This is part one of the Hangman's Joke ship. The little brown wavy things are little flags that go on one of the masts. I assume they give you three because they know kids are going to lose these and come crying to their parents...

Assembling the ships not only requires you to punch them out of their cards, but to also be able to line up and insert tiny tabs into tiny slots (please reserve all crude comments for the tavern). Because these are pirate ships, they are also curved, making it that much more fun to assemble.

The little flags that hang off the back of each ship is very small, and will most likely be the first pieces lost after a few rounds of play.

Here is a special card, "Trogs." If you play this card, you get all the booty from a plundered ship. Very nice! I need to find some of these guys for a project I have around here...

And the last card in the pack is the island, because you can't have pirate treasure without an island to bury it on, right? Er, well, more accurately, to DIG IT UP from...

But, WAIT! There's more! In addition to the cards, each pack a set of "Quick Rules." These give you enough to play a scaled down game without concerning yourself with things like Trogs.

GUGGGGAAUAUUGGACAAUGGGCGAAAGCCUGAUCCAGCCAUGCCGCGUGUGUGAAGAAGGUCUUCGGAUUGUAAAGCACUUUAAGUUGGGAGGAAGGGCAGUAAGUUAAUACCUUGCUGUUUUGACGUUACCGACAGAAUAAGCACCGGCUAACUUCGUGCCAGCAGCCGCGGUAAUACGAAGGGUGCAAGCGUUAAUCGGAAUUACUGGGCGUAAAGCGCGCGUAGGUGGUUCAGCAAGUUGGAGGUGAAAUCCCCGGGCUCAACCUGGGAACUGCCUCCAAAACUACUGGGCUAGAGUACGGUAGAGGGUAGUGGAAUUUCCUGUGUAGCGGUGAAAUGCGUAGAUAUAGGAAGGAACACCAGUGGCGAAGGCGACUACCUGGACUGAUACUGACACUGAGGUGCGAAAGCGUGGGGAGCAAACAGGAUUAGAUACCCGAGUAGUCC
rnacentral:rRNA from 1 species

The Quick Rules provide a picture-based step-by-setp guide for assembling the ships and for playing a beginner's (or basic) game. It's pretty easy to follow.

Included in the pack is a mini-poster advertising the upcoming (back then) online PC game based on the cards (or vice versa, does it really matter?)...

We also have a copy of the Full Rules for the Complete Game. I was tempted to open this thing up and show it to you, but if you really want to know that badly, go buy a 99-cent pack at your local Target. This game can get seriously complicated. I'm not sure how many kids will stick around for a full game...

The full rules are much like reading a recipe in which you have an idea as to what you are making, but really, you've never heard the ingredients written out quite like this. A quick looksie, and this game is like "Axis and Allies" in a wax pack...

And here we have the die that comes with the game. I used the ubiquitous US Quarter for sizing reference. It is "Small... esS... emM... All... Small!"

There is also a foldout checklist, in case anyone in their state of insanity wanted to collect every piece of the game. What you see here is page 1 of 4, and it is the size of a baseball card.

And, in the name of integrity, or something, I punched out and assembled the game pieces. There was no good way to get a picture, so I set up a mock game with the instruction books serving as backdrop...

My sincerest condolances to any parent out there who had to endure putting these things together for their child. And if you bought these yourself, then you got what you deserved. In all honesty, though, the game DOES look kinda fun...